Councillor Russell Fitzpatrick has warned the shire could risk losing Bega Cheese if roads are not upgraded to be suitable for B-double trucks.
His comments came during discussion about the future NSW Transport Strategy at the recent council meeting.
“If we don’t have B-doubles in this area, Bega Cheese risks having to move elsewhere because the economics of scale will not be there,” Cr Fitzpatrick said.
An employee of local transport company Bobbin Transport, which does work for Bega Cheese, Cr Fitzpatrick declared a non-pecuniary interest and stayed to debate and vote.
“B-double operators are getting smarter. B-doubles are considered a safer option than a single trailer and so instead of six trucks there are three B-doubles,” Cr Fitzpatrick said.
However he pointed to issues around the area which prevented such economies of scale.
“It’s impossible to come from Sydney because of the pinch points at Brogo Bridge and Narooma Bridge currently,” he added.
Talking about the east/west route Cr Fitzpatrick said Brown Mountain added an extra hour to the journey because of decoupling.
“Large rainfalls can close it at anytime. We need something better than Brown Mountain and if we want to be serious we need to push hard for the realignment of Brown Mountain,” he said.
Mayor Kristy McBain said it was prudent to submit comments to the draft transport strategy “given we are such a large shire”.
Councillor Sharon Tapscott has been advocating to have Imlay Rd incorporated as an east/west route and pointed out that if B-doubles used it, it would keep them off the tourist routes.
But the problem is that Imlay Rd is not an RMS road.
“It’s not a NSW government road. It is an option for Eden, but the ownership needs to be sorted out and it needs to be significantly upgraded [by another government department – Forestry] before it could be taken on,” Cr Fitzpatrick said.
The staff report to council raised points relating to the Eden port and its future.
“Further development is needed for the supporting infrastructure to capitalise on this investment. The plan recognises the benefits of the cruise ship tourism however, neglects to mention the opportunities that exist for the Port of Eden for commercial activities such as exportation/importation of agricultural products, fisheries, consumer goods, and manufacturing products. The Port of Eden has the potential to be a hub for commercial activities for producers in the Southern NSW/Monaro region rather than them having to freight to Melbourne or Sydney,” the report said.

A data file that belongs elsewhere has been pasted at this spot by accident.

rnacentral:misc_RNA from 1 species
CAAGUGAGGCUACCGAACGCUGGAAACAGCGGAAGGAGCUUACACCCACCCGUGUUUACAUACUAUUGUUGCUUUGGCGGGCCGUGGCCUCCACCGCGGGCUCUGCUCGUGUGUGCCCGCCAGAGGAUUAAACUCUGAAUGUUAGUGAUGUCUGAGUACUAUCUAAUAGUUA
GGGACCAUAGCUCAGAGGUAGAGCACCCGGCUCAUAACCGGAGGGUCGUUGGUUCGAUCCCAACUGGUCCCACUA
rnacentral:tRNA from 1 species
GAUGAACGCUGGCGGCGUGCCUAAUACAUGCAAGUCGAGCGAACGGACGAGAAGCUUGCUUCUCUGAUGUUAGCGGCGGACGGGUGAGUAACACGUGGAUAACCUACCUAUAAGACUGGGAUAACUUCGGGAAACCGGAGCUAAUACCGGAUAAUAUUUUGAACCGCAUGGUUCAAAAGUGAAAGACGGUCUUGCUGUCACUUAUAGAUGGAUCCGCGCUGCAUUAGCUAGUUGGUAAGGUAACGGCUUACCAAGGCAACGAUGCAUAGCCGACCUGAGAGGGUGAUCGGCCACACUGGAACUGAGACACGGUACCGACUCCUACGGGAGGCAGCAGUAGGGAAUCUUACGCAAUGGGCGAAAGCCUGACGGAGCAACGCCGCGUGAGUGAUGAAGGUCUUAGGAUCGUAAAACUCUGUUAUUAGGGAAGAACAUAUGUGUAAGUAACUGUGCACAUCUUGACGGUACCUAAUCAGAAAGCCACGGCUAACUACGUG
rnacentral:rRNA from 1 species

Staff also supported the idea of an intermodal terminal in Fyshwick (ACT) which could encourage a long-term strategy to link with the Port of Eden.
The report also pointed out that if a key focus for NSW is to ensure that inland rail optimises the movement of freight in Regional NSW through efficient linkages to NSW Ports, there should be an investigation of the potential for a rail line from Canberra and Albury to the Port of Eden.
Council agreed a number of responses to the draft NSW Transport Strategy, including:
a) East-West connections must include the Brown Mountain upgrade on the Snowy Mountain Highway;
b) Addressing pinch points in the road network through the Bega Valley Shire for both passengers and freight including the Brogo River Bridge on the Princes Highway;
c) Providing improvements to the connection south into Victoria from Bega Valley Shire and recognition and development of the Sydney - Melbourne Coastal Drive;
d) Planning for future transport development to and from the Port of Eden;
e) Potential for linkage between the Inland Rail, Canberra and the Port of Eden;
f) That the Princes Highway should be listed as a road of national importance;
g) That much of the Princes Highway is currently not B-double accessible and this should be addressed.
Bega Cheese was asked for a comment but due to Thursday’s release of half year results, executives were unavailable.